Workers’ Comp Leaders to Host First-Ever Industry Twitter Chat

illustration of Twitter discussionInteractive social media event will focus on industry hot topics

Top media experts in workers’ compensation will  join subject matter experts from GENEX Services LLC, one of the nation’s largest providers of managed care services, to participate in the first-ever Twitter Chat on workers’ compensation on Feb. 10, 2 p.m. EST.

By following the hashtag #workcompchat, Twitter users will be able to learn from and converse with industry leaders on topics ranging from managing complex claims to regulatory issues. The chat will be moderated by GENEX (@genexservices) and will include a panel of popular industry writers, bloggers and subject matter experts including:

Roberto Ceniceros, Risk & Insurance@rceniceros
Bob Wilson,;  @wcconnections
Mark Walls, LinkedIn’s Work Comp Analysis Group;  @wcanalysisgroup
Stephen Sullivan, WorkCompWire ; @work_comp_wire
Ron Skrocki, GENEX Services@skrockiron
Melinda Hayes, GENEX Services@melindahayes_ Continue reading Workers’ Comp Leaders to Host First-Ever Industry Twitter Chat

Small Businesses Good Candidates for Wellness Programs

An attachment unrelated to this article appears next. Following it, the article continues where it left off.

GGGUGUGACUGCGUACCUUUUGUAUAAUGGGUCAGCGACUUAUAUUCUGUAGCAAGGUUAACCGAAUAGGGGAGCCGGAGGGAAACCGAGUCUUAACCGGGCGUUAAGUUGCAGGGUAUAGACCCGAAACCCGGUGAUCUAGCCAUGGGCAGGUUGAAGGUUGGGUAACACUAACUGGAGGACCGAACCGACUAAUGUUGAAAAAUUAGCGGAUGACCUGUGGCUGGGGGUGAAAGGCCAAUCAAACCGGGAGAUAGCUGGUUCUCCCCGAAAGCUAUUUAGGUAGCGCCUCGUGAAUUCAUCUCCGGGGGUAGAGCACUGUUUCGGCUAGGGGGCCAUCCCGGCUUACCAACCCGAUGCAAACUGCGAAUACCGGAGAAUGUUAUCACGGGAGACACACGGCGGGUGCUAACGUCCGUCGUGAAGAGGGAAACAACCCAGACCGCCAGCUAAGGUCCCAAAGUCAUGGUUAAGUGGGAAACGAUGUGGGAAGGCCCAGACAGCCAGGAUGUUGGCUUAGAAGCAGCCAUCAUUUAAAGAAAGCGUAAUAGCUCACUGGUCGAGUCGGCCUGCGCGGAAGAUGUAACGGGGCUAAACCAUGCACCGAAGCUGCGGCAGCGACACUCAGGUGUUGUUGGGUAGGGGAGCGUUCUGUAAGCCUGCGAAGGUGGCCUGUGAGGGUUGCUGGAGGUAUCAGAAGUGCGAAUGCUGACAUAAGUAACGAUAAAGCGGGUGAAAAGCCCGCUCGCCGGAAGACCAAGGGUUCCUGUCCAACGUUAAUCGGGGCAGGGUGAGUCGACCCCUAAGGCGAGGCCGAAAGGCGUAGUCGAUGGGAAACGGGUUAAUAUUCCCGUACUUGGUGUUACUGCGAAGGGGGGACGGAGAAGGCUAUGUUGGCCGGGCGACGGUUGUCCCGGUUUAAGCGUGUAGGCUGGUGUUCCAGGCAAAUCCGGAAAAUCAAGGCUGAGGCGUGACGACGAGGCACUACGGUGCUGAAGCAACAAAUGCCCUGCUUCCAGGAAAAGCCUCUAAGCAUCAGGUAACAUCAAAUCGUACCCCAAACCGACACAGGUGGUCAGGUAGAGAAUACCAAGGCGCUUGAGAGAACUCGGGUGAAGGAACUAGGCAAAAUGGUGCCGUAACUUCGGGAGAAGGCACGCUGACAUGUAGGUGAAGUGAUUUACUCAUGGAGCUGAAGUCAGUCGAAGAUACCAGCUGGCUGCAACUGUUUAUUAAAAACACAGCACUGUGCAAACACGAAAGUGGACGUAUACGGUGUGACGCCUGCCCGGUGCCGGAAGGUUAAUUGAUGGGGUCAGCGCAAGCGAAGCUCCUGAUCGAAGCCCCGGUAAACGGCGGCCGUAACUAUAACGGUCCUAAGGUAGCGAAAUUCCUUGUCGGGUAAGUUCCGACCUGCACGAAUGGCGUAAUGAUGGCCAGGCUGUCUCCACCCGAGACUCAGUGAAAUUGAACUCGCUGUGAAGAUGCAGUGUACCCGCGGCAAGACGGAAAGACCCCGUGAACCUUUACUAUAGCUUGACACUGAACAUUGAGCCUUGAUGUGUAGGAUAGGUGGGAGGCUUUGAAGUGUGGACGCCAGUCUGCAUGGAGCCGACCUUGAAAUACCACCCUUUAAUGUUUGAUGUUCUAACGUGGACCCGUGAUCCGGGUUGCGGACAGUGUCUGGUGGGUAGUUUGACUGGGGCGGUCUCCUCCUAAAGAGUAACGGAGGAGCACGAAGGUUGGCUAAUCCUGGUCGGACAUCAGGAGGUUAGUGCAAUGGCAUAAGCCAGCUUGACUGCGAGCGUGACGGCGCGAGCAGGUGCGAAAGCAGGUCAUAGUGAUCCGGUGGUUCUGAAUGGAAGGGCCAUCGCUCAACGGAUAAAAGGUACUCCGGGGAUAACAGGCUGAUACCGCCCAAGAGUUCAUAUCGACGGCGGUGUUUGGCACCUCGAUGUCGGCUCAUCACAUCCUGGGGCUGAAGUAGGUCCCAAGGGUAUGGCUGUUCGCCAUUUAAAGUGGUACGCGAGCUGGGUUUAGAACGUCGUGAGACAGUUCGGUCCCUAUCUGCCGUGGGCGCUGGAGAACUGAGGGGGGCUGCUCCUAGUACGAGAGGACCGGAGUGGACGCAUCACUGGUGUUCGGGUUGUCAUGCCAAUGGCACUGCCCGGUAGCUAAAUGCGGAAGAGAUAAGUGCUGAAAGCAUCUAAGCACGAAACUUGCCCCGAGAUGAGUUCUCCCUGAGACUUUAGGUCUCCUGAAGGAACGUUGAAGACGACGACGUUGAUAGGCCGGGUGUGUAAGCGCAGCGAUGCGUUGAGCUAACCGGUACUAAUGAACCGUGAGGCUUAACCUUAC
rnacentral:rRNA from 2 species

Denver, CO ( – Small businesses are prepared to adopt workplace wellness programs and, based on the kinds of health risks facing employees, are a good target for such health interventions according to new research published in this month’s issue of the Journal of Occupational and EnvirHealth happens here in the workplaceonmental Medicine from the Colorado School of Public Health.

This research was part of a large prospective, longitudinal case-control study to determine whether worker productivity improves and workers’ compensation costs fall if health promotion programs are offered to small businesses. Nearly 80 percent of large employers offer wellness programs, but less than one-third of small businesses engage in these programs, according to past research. The article, “Implementation of a Worksite Wellness Program Targeting Small Businesses: The Pinnacol Assurance Health Risk Management Study” from researchers at the Colorado School of Public Health is the first field-based study to look at implementing low-cost worksite wellness programs in a large number of small businesses.